I'll admit that by the end of the film, I was also quite sick of the character of eight-year-old Jonah. He's essential to the plot, which is fine, and he's also essential to developing the character of Sam, which is also fine; as long as Jonah remains a secondary character he's perfectly acceptable, and even contributes to some funny scenes with Sam. In the second half of the film, though, the focus shifts more to him and his antics, and the increased dosage of "cute/obnoxious kid" becomes annoying rather than humorous.
In the end, Sleepless in Seattle certainly does have its charming and funny moments, but most of the rest of the film is forgettable.
The "10th Anniversary Edition" seems to be the same transfer as the earlier Special Edition: the image quality is a notch over average, but certainly the film would have benefited from a new treatment. Overall, the image looks good in brightly lit scenes, with natural-looking colors and satisfactory contrast. The print is in good condition, with no noticeable print flaws. The more dimly lit scenes tend to be grainy, though, and edge enhancement is fairly heavy throughout the film; middle-distance and especially longer-distance shots are blurry and lacking in detail.
The film is presented in its original aspect ratio of 1.85:1, and is anamorphically enhanced. Unfortunately, it's forced to share the DVD space with a pan-and-scan version of the film, when that space could have been used to improve the transfer instead.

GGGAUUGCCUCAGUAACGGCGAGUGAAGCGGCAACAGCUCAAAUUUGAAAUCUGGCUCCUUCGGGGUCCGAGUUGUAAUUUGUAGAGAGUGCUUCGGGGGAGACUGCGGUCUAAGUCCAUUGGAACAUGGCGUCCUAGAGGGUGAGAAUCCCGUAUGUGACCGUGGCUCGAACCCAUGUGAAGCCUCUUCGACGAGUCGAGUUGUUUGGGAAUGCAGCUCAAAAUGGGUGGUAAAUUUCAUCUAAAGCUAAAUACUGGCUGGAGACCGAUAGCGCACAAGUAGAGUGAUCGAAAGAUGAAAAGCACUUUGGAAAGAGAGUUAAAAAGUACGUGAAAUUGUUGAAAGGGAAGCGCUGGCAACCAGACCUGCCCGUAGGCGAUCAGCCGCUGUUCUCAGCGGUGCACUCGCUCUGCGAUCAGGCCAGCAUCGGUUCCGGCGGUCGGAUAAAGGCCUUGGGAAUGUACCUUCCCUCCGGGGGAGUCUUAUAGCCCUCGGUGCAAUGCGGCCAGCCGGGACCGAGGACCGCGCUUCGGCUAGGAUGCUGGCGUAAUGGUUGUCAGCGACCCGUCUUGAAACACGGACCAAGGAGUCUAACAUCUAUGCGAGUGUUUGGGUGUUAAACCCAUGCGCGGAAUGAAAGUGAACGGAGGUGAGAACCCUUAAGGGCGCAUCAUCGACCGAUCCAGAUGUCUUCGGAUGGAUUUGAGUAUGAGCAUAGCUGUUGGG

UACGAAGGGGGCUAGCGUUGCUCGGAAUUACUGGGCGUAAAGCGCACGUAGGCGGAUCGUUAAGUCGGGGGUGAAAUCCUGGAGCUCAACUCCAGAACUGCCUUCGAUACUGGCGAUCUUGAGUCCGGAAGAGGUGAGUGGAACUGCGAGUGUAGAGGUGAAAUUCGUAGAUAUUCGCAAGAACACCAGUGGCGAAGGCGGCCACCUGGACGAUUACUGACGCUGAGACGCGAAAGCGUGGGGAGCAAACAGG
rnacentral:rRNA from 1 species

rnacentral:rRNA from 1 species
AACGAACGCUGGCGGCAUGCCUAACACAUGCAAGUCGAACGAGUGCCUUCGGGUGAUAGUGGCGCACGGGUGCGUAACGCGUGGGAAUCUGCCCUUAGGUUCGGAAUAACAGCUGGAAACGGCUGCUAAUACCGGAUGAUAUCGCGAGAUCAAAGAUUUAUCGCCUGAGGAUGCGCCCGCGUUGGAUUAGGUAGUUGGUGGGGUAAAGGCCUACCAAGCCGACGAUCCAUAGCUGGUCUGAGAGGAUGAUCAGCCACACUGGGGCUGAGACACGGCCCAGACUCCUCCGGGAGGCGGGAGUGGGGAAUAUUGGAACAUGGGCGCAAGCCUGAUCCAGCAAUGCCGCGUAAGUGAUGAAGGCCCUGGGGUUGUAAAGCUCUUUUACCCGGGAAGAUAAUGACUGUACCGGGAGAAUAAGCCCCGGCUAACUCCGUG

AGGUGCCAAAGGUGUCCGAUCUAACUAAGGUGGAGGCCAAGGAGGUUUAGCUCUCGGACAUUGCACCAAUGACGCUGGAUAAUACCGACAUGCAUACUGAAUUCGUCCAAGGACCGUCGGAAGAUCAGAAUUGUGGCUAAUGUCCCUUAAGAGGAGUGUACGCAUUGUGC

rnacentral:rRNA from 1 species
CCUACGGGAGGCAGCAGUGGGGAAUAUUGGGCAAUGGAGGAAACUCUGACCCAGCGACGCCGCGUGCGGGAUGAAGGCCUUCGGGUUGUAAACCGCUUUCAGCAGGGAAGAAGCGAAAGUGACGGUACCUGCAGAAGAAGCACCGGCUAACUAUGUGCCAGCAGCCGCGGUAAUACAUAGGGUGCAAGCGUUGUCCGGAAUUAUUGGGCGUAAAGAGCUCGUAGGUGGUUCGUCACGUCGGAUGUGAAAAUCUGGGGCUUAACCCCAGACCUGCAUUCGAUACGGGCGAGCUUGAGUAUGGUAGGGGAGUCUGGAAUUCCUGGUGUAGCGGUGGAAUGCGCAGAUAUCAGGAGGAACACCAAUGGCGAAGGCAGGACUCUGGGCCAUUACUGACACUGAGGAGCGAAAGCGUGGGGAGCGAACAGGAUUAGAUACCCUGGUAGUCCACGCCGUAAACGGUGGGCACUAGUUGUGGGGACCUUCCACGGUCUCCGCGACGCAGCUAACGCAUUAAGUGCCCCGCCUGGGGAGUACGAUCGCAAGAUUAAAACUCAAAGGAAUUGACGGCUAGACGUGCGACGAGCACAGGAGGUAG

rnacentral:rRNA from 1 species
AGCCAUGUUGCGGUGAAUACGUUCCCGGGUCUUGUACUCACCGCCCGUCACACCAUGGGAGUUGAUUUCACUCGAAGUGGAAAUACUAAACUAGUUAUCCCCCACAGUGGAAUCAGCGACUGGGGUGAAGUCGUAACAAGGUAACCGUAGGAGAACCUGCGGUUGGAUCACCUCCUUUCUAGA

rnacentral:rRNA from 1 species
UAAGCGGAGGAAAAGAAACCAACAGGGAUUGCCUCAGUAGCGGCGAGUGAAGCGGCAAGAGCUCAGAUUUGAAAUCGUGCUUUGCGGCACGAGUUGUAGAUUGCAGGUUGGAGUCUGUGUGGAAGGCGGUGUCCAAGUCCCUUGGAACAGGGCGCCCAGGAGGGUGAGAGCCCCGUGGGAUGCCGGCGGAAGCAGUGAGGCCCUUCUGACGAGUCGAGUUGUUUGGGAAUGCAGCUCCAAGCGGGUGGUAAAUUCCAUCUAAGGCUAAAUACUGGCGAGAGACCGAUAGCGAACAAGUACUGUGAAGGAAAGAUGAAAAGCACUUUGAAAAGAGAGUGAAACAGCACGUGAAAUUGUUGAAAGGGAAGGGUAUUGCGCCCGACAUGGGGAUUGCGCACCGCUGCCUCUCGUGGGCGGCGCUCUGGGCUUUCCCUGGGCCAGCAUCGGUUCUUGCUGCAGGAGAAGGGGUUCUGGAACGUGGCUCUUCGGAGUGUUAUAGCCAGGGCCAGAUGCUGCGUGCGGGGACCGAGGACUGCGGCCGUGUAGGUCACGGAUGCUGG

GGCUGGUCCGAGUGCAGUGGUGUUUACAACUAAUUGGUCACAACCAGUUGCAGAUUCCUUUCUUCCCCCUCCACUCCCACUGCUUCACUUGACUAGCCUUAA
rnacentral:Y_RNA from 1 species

The Dolby 2.0 soundtrack is adequate but not stellar. The dialogue is clear and understandable, though not always particularly sharp. The musical portion of the soundtrack does tend to be rather obtrusive in music-only scenes, but at least it settles down when the characters start to talk once again.
The bonus content of the 10th Anniversary Edition appears to be the same as the earlier Special Edition; the only difference is in the new cover art (which is dull and generic compared to the earlier, rather clever cover). The one selling point of this edition is the promise of a Starbucks gift card inside. However, that's rather misleading. There's no gift card inside: you have to mail in a form, along with the DVD's UPC code and your receipt, to get it, and the offer ends 12/30/2003.
The main special feature is an audio commentary track from director/co-writer Nora Ephron and co-writer Deliah Ephron. A 13-minute featurette is also included, titled "Love in the Movies." It's actually a fairly standard promotional featurette for the film, with short interview segments from actors and crew interspersed with clips from the movie. The bonus material finishes up with cast and crew filmographies, and a set of trailers for Sleepless in Seattle, My Best Friend's Wedding, It Could Happen to You, Philadelphia, and Nothing in Common.
If you like Tom Hanks and Meg Ryan, Sleepless in Seattle is probably worth watching once; it does have its funny moments. Overall, though, I found that the film didn't stand up well to a second viewing, with too much sappy drama unbalancing the film as a whole. It's worth a rental. Keep in mind that this edition doesn't appear to be any different from the earlier Special Edition, so either one will do fine.